Physical layer-3 interfaces connect directly to the internal router. If a physical layer-3 interface receives an Ethernet frame sent to a third party MAC address, the frame is dropped.

A layer-3 switch with routed (layer-3) physical interface

Some switches (example: Catalyst 6500) use hidden VLANs to implement layer-3 interfaces. You might think that detail doesn’t matter ... until you run out of VLANs.

Finally, some devices have layer-3 subinterfaces. These interfaces modify the frame forwarding rules on per-VLAN basis: if the parent physical interface receives an Ethernet frame belonging to the subinterface VLAN, the router uses the IP forwarding path (and drops the Ethernet frame on destination MAC mismatch), whereas the destination MAC address selects the forwarding method (L2 or L3) used for frames belonging to other VLANs.

More information

The diagrams used in this post are part of the Data Center 3.0 for Networking Engineers webinar. If you’re interested in modern data center switching solutions, that webinar would be a great place to start, with Data Center Fabric Architectures and Clos Fabrics Explained webinars providing further details. All three webinars are part of the yearly subscription.

If you’d like to discuss various technology options or have a short review of your data center network design, check out the ExpertExpress service.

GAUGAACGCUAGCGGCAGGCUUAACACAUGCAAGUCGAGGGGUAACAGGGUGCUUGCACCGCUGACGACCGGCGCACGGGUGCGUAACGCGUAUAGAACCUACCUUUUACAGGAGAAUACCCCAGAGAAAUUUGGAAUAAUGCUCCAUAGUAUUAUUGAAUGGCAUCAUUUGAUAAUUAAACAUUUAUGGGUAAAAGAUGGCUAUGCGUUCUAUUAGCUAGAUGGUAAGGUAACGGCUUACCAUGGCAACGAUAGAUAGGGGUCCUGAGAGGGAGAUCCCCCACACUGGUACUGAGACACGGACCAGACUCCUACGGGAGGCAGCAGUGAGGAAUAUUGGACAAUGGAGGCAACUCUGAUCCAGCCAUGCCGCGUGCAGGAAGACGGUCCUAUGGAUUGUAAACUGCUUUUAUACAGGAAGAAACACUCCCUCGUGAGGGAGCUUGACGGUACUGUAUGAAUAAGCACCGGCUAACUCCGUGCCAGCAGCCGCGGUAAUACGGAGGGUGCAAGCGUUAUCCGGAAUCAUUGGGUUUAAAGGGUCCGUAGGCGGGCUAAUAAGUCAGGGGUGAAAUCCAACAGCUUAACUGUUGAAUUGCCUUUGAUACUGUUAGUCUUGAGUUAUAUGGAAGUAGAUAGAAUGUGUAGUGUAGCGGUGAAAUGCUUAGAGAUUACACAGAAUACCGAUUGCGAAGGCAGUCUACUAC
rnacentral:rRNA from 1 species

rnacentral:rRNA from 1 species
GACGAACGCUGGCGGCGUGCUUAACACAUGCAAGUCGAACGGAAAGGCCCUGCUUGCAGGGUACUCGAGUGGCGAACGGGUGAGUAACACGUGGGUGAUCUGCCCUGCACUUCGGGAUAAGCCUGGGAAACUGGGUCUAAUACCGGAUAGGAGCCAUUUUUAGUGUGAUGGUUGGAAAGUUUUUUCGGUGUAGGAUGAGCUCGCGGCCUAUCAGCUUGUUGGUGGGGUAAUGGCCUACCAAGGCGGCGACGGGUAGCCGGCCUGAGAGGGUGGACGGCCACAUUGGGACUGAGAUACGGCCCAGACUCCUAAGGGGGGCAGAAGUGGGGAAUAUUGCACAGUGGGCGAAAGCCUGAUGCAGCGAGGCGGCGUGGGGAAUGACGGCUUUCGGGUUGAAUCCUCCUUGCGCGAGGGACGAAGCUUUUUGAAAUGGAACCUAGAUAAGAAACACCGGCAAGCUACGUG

1. Does bridging in software based platforms (7200/2600/etc) use interrupts? Is there a 'Bridging CEF' of sorts? I've always held the notion that IRB performance is on par with IP process switching performance, but I've never actually tested it.
    1. It was always my understanding that bridging was fast-switched and used MAC address table as forwarding cache. Use "show interface switching" to verify it is.
  2. I am finding that the terms 'router' and 'switch' are beginning to only designate the primary function the vendor intended them to do. Some features are taken for granted on a 'switch' that are not present or lacking in features on a router. For instance I have a customer who replaced a headend router and switch with an ASR9000. That router is definitely primarily designed for ip routing and mpls and is a bit awkward for the layer2/vlan type stuff. It does no properly do CDP on the sub interfaces and passes CDP traffic from other interfaces in the same bridge group. Also the spanning-tree implementation is not very clear cut or well documented. Am I doing layer2 bridging, yes. Is it a powerful platform, yes. Is it a pain to do some functions that would only take 2-3 commands on a 'normal switch', very much so.
  3. Good post.

    Brouter;) Remember that one?

    Fabswrout - fabric-switch-router;)